Costa Rica Outdoors, vol. 7 no. 1, Jan-Feb 2002, pp14-16:
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"The southern Caribbean coast of Costa Rica's Limon province is one of
the nation's most beautiful regions, with magnificent beaches, lush jungles,
quiet rivers, marvelously friendly people - most of whom speak English - and
an abundance of tropical birds, monkeys and other wildlife.
Until now, however, the only way you could fish the regions was from shore or by hunting around for one of the locals with a panga.
Some of my first fishing trips upon moving to Costa Rica nearly 20 years ago - my budget being what it was in those days - were in this region, working the surf at the mouth of the Estrella River and camping overnight in my battered old Volkswagen van.
I caught a bunch of jack crevalle from the beach, an occasional small snook, and surprised the heck out of myself one morning when I got a couple of jumps out of a tarpon just a few yards from shore. Still, back then you couldn't really consider the region a prime tarpon destination."
All that may well change with the opening of Jim Diberardinisí new Manzanillo Tarpon Expeditions, which I visited in late November with fishing buddy Doug Kralik.
It was a fast overnight trip, with just one day on the water, and certainly not during the prime season. We found the jacks plentiful, and as we ran south in the 26-foot panga could see an occasional tarpon rolling just outside the mouth of the Sixaola River, which forms the boundary between Costa Rica and Panama.
Krulik and DiBerardinis managed to jump a couple of tarpon on flyrods, while I tried to get a photo or two. Thatís about par for me, and the locals swear they often have more than 20 a day in the air and have boated several estimated at 130 pounds and a goliath that would have gone 180 pounds.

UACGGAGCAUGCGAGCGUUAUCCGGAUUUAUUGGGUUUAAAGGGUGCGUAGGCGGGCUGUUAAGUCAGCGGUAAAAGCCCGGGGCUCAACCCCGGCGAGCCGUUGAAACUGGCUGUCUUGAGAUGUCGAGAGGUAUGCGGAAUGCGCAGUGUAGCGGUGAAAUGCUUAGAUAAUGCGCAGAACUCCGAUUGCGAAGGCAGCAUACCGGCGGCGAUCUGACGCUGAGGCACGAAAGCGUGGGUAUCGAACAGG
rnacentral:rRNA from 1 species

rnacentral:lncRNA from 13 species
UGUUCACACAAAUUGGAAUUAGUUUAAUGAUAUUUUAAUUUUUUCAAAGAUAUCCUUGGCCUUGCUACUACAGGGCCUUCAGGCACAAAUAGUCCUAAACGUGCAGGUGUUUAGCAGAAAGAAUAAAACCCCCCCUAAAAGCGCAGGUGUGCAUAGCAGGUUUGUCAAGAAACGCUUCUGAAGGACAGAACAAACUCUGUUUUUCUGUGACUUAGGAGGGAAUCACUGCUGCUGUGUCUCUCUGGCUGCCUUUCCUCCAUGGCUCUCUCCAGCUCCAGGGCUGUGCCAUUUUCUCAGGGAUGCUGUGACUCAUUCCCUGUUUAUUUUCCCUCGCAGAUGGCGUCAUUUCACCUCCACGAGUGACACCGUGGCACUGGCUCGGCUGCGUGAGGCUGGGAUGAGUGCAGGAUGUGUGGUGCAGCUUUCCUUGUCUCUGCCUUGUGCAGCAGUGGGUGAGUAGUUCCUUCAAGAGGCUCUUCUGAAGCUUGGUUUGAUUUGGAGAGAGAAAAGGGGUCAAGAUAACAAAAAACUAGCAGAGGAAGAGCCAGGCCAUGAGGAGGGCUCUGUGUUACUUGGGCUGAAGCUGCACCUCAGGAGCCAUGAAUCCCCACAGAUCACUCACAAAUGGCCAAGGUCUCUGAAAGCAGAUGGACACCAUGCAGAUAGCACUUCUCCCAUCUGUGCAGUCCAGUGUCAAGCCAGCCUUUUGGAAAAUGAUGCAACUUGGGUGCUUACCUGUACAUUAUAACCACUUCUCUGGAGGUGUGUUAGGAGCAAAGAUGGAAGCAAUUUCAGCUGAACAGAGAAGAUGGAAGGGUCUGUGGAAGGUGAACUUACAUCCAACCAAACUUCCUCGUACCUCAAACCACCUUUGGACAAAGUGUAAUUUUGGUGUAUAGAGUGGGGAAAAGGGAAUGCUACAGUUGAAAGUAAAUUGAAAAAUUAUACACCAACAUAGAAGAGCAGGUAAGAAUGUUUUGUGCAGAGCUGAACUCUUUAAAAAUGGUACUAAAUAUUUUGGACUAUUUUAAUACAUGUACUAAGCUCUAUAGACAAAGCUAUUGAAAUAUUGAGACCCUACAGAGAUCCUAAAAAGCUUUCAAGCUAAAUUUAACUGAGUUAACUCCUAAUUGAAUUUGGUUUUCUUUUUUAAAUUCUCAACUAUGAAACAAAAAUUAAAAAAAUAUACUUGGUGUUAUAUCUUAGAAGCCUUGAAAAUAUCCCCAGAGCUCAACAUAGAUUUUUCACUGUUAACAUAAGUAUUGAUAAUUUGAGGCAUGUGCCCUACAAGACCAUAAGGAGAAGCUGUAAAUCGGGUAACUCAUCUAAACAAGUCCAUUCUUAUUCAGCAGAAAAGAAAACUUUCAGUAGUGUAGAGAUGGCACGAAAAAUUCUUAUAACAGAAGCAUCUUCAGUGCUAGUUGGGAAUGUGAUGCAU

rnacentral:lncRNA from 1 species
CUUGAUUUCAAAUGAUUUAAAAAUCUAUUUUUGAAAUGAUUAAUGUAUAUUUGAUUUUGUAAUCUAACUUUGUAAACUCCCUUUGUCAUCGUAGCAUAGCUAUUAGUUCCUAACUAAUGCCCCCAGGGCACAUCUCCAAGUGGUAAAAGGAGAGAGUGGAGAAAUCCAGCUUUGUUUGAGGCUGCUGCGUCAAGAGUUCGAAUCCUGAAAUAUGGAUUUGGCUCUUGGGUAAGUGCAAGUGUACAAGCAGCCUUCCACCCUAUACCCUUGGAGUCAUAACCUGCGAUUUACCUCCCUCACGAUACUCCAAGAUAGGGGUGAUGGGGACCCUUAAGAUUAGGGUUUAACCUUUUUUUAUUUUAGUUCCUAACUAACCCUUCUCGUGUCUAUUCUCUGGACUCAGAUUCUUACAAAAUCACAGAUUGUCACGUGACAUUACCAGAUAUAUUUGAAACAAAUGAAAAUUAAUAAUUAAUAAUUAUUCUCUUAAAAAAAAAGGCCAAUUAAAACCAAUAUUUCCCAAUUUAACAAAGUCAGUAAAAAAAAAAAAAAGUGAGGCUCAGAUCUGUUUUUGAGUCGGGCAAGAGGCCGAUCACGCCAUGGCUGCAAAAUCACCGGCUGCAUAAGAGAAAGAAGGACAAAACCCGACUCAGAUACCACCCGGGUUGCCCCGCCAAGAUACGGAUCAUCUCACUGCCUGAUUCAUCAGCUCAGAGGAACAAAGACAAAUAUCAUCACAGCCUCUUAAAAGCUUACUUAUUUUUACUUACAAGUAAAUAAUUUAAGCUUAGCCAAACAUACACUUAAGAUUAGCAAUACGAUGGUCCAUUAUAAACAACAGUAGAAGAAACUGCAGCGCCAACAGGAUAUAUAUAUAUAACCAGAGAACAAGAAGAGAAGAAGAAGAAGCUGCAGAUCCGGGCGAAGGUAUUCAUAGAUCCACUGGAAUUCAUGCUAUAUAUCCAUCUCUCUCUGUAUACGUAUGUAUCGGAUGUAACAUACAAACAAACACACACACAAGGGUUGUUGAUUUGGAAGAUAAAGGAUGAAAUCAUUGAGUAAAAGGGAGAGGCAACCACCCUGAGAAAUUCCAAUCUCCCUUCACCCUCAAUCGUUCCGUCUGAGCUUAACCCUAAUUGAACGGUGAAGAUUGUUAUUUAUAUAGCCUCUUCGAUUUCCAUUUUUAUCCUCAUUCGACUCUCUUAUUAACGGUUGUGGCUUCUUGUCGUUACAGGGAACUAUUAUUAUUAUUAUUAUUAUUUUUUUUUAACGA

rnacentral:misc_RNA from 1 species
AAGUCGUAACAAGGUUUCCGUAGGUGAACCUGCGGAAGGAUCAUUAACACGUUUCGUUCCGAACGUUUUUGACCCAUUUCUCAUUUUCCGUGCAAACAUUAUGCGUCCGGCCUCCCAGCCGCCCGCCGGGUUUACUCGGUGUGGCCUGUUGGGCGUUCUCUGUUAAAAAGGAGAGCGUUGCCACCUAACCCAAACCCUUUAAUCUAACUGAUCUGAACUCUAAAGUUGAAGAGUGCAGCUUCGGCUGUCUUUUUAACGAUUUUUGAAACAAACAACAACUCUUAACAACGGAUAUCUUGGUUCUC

DiBerardinis, a fly fishing fanatic retired from Montana State University, has been scoping out the possibilities of a sport fishing operation on the southern Caribbean coast of Costa Rica for the past several years. He now divides his time between Montana and Costa Rica, where he will be fishing Manzanillo with clients during peak tarpon season from January to [May] 15 and [during September and October].
He and his wife Ann live in a unique home sculptured into a massive reef and tucked into a dense tropical jungle just south of the tiny seaside town of Gandoca in the Manzanillo-Gandoca National Wildlife Refuge, accessible only by wading or fording a shallow river.
Ann is the director of the Talamanca Dolphin Foundation, and spends much of her time on the water doing research. She has even named many of the resident aquatic mammals, and arranges dolphin and nature tours, scuba diving, snorkeling and other activities.
Dominos are a regional pastime among the predominantly black population of the Caribbean. We were there during a biannual tournament. Dozens of Panamanians came in by boat for the animated all-night tourney, punctuated by groans from the losers and victory cries from the winners, breaking only for the immense feast of native dishes that had been brewing in the kitchen throughout the day.
Most everyone here speaks English, albeit with a Calypso accent, and itís hard to bear the hospitality.
Plenty of bars and eateries offer great nightlife and food, particularly fresh fish, shrimp and lobster. Manzanillo Tarpon Expedition fishermen stay at the elegant Hotel La Suerre, with air-conditioning, a pool and a patio restaurant.
Anglers Fish two or three plus a guide to the 26- to 30-foot outboard skiffs. DiBerardinis recommends a stiff conventional or spinning outfit spooled with at least 200 yards of 20-foot line, and an 11-, 12- or 13-weight fly rod with 250-350 yards of backing. Jim ties flies for the area and provides the appropriate shock tippets.
Culturally, Costa Ricaís Caribbean coast is markedly different from the rest of
the country. Handicrafts abound and dominoes area regional pastime of the
predominantly English-speaking black population.
He can provide tackle if you donít bring your own. Rate for fishing is 350
per day, including guide, boat, food and lodging.
Public and private shuttle bus service is available for the four-hour drive from the capital city of San Jose, or you can arrange a van a driver or rent a car.
You will likely need at least one hotel night in San Jose, which of coarse can be arranged through Costa Rica Outdoors Travel Service.
You can also make fishing and San Jose Hotel reservations through Costa Rica Outdoors.
DiBerardinisí email is email@example.com, or you can e-mail Costa Rica Outdoors at firstname.lastname@example.org or you can call our Costa Rica office toll-free from the united states and Canada at (1-800) 308-3394.